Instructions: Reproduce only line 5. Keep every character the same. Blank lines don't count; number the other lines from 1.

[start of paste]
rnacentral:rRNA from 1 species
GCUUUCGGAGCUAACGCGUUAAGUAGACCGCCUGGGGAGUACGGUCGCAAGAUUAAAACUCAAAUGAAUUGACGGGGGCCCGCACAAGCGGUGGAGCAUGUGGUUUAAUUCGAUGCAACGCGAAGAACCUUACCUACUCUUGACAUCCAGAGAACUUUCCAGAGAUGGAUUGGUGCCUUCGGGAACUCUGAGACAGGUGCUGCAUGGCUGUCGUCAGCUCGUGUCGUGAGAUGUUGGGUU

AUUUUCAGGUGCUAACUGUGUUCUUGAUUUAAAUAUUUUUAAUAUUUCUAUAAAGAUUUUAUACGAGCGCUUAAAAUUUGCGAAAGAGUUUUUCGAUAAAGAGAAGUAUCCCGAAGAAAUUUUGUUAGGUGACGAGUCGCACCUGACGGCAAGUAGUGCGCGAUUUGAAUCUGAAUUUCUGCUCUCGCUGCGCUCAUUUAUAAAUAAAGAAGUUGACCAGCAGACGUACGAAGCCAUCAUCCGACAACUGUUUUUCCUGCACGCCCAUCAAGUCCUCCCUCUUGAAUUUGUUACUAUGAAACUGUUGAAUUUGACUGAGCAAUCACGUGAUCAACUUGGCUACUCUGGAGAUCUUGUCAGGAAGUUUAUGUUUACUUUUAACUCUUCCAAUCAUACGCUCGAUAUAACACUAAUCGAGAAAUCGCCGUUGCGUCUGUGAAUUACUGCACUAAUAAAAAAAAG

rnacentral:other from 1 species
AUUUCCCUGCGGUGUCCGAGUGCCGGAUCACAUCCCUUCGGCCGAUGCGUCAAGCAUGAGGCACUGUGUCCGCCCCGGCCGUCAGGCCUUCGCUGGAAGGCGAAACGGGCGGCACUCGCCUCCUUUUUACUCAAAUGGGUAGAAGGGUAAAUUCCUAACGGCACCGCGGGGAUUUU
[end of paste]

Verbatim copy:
AUUUCCCUGCGGUGUCCGAGUGCCGGAUCACAUCCCUUCGGCCGAUGCGUCAAGCAUGAGGCACUGUGUCCGCCCCGGCCGUCAGGCCUUCGCUGGAAGGCGAAACGGGCGGCACUCGCCUCCUUUUUACUCAAAUGGGUAGAAGGGUAAAUUCCUAACGGCACCGCGGGGAUUUU